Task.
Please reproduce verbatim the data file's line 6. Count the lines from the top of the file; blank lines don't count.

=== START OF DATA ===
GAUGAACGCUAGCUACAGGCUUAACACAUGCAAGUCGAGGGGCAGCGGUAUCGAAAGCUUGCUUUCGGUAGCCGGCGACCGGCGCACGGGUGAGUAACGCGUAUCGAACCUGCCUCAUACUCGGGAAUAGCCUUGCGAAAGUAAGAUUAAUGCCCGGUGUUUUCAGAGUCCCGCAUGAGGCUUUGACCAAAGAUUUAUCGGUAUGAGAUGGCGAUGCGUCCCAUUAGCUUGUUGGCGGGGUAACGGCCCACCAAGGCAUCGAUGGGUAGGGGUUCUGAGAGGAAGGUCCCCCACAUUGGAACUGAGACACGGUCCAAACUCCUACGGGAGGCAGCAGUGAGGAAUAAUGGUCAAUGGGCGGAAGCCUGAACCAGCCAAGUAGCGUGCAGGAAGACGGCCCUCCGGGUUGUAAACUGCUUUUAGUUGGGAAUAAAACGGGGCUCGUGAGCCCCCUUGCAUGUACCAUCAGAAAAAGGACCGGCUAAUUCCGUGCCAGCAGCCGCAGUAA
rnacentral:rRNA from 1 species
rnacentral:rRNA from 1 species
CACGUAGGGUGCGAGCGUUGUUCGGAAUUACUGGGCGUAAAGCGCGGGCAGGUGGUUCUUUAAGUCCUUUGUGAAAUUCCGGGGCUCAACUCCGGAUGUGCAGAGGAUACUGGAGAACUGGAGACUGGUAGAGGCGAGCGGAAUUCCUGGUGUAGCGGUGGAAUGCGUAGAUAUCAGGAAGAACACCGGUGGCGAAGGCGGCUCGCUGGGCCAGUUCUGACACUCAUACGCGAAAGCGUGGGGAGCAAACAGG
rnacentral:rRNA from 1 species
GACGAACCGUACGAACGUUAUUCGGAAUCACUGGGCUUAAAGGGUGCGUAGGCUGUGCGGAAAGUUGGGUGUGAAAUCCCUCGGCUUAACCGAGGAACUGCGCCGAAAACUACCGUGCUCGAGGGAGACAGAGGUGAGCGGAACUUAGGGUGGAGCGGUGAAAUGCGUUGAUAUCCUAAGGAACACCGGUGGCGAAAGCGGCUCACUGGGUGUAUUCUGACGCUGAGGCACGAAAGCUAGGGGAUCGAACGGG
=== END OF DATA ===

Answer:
GACGAACCGUACGAACGUUAUUCGGAAUCACUGGGCUUAAAGGGUGCGUAGGCUGUGCGGAAAGUUGGGUGUGAAAUCCCUCGGCUUAACCGAGGAACUGCGCCGAAAACUACCGUGCUCGAGGGAGACAGAGGUGAGCGGAACUUAGGGUGGAGCGGUGAAAUGCGUUGAUAUCCUAAGGAACACCGGUGGCGAAAGCGGCUCACUGGGUGUAUUCUGACGCUGAGGCACGAAAGCUAGGGGAUCGAACGGG